In the 20 years since the end of the Cold War, Russia's political and economic transformation has led to exciting new career paths for Russian majors. While graduates still keep national security high on their list, they find that Russian expertise also opens doors to careers in business, finance, the non-profit sector, academia, and the arts.
The largest country in the world, Russia covers one-sixth of Earth's landmass. The Russian capital, Moscow, is not only Europe's largest city, with almost 11 million people, but has become a cosmopolitan destination for artists, musicians, writers, and, more recently, shoppers. Russian remains the lingua franca of the former Soviet Union, with more than 250 million speakers worldwide.
Testifying to Russia's continued importance to national security, the U.S. State Department has designated Russian a "critical need language" and currently offers funding opportunities for study in Russia.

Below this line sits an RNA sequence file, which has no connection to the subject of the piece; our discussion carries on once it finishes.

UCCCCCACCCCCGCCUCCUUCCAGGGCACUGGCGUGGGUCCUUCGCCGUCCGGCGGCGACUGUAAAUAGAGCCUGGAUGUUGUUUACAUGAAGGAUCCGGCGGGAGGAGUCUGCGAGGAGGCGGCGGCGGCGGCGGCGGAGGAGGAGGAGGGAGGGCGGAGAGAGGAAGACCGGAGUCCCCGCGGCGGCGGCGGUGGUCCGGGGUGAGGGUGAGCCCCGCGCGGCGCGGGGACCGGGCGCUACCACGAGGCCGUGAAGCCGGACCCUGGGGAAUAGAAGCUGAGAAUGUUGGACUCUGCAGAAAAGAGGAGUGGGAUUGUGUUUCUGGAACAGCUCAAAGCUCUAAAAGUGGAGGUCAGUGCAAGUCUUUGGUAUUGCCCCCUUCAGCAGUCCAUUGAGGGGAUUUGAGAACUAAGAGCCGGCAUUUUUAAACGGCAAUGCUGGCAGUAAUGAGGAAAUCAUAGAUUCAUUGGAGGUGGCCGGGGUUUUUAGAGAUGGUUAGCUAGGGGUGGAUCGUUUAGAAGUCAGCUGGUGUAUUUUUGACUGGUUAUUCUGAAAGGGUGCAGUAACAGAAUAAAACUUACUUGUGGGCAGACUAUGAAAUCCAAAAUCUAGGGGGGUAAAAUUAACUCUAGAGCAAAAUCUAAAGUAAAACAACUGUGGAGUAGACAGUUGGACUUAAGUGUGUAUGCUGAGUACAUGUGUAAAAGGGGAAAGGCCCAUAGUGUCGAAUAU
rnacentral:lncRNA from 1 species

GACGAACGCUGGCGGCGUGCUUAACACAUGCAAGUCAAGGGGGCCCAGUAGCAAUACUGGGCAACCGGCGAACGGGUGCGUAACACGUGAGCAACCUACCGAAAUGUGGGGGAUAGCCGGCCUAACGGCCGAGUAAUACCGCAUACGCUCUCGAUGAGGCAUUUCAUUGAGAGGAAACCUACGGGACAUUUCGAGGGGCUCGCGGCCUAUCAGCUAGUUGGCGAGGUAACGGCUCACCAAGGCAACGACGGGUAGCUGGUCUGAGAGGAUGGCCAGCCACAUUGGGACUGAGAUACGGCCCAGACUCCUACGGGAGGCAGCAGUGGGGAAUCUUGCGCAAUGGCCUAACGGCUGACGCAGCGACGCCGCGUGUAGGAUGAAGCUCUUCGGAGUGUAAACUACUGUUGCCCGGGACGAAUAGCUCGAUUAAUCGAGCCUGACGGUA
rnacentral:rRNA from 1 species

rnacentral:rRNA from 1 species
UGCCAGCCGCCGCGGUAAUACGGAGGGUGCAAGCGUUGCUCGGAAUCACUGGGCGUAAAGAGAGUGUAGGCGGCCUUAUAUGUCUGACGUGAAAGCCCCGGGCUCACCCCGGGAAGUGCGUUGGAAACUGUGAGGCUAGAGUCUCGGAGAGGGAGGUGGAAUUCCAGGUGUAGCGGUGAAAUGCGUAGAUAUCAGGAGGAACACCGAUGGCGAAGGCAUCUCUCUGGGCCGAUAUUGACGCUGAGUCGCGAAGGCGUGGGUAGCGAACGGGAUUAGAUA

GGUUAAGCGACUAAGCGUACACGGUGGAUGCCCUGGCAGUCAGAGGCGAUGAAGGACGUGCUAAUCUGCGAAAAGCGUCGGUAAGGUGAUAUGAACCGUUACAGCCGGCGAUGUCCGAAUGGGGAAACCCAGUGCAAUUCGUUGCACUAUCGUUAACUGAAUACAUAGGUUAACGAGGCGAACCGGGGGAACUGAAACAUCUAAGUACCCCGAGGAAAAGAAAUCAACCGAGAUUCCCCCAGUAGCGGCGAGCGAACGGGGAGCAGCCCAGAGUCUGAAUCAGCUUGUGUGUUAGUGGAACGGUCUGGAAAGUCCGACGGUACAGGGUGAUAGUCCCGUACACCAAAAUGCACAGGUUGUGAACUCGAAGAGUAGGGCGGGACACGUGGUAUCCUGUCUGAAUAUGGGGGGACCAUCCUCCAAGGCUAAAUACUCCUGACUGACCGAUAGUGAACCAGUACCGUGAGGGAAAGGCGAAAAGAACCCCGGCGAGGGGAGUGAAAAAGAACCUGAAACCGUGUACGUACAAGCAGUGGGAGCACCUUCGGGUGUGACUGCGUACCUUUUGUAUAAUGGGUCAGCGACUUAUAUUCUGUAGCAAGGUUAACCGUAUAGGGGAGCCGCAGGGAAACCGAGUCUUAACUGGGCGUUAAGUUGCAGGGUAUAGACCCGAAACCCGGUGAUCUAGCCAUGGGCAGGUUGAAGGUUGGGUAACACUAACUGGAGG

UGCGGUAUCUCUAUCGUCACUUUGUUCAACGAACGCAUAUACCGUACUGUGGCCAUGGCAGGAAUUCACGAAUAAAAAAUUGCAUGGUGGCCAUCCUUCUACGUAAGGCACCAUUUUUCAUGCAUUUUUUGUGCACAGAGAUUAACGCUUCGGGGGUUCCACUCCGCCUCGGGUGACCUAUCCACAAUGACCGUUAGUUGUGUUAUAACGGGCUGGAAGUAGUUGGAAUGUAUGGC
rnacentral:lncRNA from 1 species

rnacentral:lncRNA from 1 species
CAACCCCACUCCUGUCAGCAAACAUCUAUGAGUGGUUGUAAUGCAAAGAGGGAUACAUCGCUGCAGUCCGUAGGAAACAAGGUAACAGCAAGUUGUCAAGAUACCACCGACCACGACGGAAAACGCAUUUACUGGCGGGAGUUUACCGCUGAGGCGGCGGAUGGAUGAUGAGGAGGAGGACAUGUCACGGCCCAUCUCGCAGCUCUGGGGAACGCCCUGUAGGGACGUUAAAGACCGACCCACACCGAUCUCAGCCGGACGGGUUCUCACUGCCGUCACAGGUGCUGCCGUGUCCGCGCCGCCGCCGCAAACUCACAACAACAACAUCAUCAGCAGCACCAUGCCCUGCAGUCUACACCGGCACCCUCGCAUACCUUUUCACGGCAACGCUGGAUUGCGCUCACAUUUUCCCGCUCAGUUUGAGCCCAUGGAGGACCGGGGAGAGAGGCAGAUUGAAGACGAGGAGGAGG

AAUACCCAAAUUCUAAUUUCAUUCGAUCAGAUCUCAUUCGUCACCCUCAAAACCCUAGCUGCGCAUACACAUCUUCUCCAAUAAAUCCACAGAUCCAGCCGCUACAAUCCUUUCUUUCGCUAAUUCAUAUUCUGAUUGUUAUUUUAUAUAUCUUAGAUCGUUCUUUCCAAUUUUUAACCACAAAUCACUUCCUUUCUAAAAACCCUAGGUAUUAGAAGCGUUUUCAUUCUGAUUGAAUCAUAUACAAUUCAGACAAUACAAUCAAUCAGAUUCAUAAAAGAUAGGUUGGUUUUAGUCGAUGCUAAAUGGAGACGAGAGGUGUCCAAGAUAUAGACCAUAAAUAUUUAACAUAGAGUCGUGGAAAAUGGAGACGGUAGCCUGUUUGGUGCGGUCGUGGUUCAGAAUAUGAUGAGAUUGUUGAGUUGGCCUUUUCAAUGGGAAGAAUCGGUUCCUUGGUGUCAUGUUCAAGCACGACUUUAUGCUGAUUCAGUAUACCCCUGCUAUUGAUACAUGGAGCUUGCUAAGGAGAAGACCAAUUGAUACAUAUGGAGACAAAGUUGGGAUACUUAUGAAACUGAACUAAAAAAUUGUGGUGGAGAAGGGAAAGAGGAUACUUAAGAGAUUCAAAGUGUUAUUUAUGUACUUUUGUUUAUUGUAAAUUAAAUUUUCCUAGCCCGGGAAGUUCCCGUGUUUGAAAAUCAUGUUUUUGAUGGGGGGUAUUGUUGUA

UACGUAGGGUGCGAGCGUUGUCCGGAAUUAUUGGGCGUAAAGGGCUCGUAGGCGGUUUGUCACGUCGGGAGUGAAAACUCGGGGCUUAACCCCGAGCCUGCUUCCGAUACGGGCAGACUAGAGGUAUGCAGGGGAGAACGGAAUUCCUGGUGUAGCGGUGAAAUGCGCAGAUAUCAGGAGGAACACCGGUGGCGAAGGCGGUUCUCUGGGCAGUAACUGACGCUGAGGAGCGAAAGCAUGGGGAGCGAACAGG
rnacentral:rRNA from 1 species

Russian graduates can pursue careers in national security with the CIA or FBI; both actively recruit Russia specialists. As for the private sector, large U.S. banks are increasingly stepping up security around cyber crime originating from Russia.
The growing list of western business investing heavily in Russia includes Citibank, Ford, Starbucks, and IKEA, as well as numerous consulting firms like Bain & Company, Ernst and Young, and McKinsey & Company.
As Statfor Global Intelligence notes, "Russia holds the world's largest proven reserves of natural gas and continually alternates with Saudi Arabia as the top oil producer." In this age of petropolitics, Russia's vast energy reserves can't be ignored.
Russia continues to be a priority destination for both the arts and academia due to a renowned culture that proudly boasts such cultural giants as Tolstoy, Dostoevsky, Tchaikovsky, Stravinsky, Kandinsky, Chagall, Stanislavsky, and the Bolshoi Ballet.